*On the "New Obama." The President certainly seems comfortable in his new out-side-the-beltway/over-their-heads style and strategy. Is this a seasonal fling or the real thing?

To quote Joan Walsh, David concurs that a re-elected Obama is now "saying what he wants rather than what he thinks he'll get." But our panelist imputes Machiavellian motives: on issues like immigration and guns, he knows he'll fall far short and, "like a master chess player with more pieces, is goading his opponent into mistakes."

Arianna, however, argues that Obama believes in his immigration reforms and proposals for universal background checks and limited magazine clips. Still, she disparages the release of a "pandering" White House photo of Obama skeet shooting and is impatiently waiting for bigger proposals on jobs and growth [which apparently are coming in Tuesday's State of the Union address].

*On the "New Hillary." She's out of public office but, with a new web site three days later, not out of our thoughts. What did she learn in her consequential four years as Secretary of State and how might that affect her decision whether to run for president again?

Arianna hopes that she'll become "a role model for women and men so that success doesn't require such an unbelievable schedule" that you end up falling and getting a concussion (as she herself did a few years back). And presumably, her "experience as a successful Secretary of State making decisions with this President has helped her conclude that she could do a great job as president, not to mention that she has a husband who'd love to be back in the White House."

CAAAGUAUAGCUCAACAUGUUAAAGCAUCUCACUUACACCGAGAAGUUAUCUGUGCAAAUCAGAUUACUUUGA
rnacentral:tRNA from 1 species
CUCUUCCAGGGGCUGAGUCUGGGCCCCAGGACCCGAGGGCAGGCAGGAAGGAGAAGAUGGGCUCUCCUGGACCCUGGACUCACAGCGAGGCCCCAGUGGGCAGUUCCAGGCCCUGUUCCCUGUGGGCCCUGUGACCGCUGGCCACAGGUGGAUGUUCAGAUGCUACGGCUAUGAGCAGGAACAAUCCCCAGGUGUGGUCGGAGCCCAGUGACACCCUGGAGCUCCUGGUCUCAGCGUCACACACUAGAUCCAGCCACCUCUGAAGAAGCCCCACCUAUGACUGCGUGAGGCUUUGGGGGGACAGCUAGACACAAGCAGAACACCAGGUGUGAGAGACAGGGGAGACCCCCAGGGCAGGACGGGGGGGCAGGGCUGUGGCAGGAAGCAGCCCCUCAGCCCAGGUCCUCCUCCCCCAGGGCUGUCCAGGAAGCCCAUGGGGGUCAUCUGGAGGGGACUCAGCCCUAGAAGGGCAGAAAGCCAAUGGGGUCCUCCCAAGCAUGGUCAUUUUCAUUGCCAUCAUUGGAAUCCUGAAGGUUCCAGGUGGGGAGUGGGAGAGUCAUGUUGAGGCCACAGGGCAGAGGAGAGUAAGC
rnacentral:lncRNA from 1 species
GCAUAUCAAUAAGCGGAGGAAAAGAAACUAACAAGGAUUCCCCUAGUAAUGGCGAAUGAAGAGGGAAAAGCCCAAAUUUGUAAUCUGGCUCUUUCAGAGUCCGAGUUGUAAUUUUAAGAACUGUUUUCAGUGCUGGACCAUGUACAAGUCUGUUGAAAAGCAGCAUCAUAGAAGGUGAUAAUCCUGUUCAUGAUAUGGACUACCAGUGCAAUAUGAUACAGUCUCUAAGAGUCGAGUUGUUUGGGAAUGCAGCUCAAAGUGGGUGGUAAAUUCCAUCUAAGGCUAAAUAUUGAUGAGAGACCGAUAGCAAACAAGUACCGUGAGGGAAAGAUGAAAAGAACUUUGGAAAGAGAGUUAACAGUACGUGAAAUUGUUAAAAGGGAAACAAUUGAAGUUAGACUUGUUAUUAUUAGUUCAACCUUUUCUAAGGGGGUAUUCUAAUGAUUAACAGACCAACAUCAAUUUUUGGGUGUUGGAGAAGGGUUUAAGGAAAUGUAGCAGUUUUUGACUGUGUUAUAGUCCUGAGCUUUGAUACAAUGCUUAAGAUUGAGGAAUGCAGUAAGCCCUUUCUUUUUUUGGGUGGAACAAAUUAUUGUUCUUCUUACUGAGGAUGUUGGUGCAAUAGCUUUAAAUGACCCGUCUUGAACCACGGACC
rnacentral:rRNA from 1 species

Neither, though, will play the game of speculating about 2016. David explains that what matters more than who is what the parties will stand when conditions will have probably changed in four years. After eight years in power, "Democrats will go through alot of soul-searching and question whether they just want to continue policies that go back to the early 1990s, something that happened to the party in 2000 when it couldn't figure out whether to continue with Gore or go in a more Nader-like direction."

*On Drones -- in Middle East. This not-very "covert war" gets center stage with the leak of a Justice Department "White Paper" summarizing the Administration's legal case and with John Brennan's CIA confirmation hearings. Are Drones in the air better than boots on the ground -- is that even the right question when it comes to an American "kill list"?

Arianna strongly opposes the current policy: "imagine if Bush were doing the same thing -- there'd be an outcry!" So why isn't there with Obama? "People are giving him a pass because they trust that he won't do something unconstitutional." She questions both the morality of innocent children dying and a backlash creating even more "hatred of America," such as the 75 percent of Pakistanis with an unfavorable opinion of the U.S.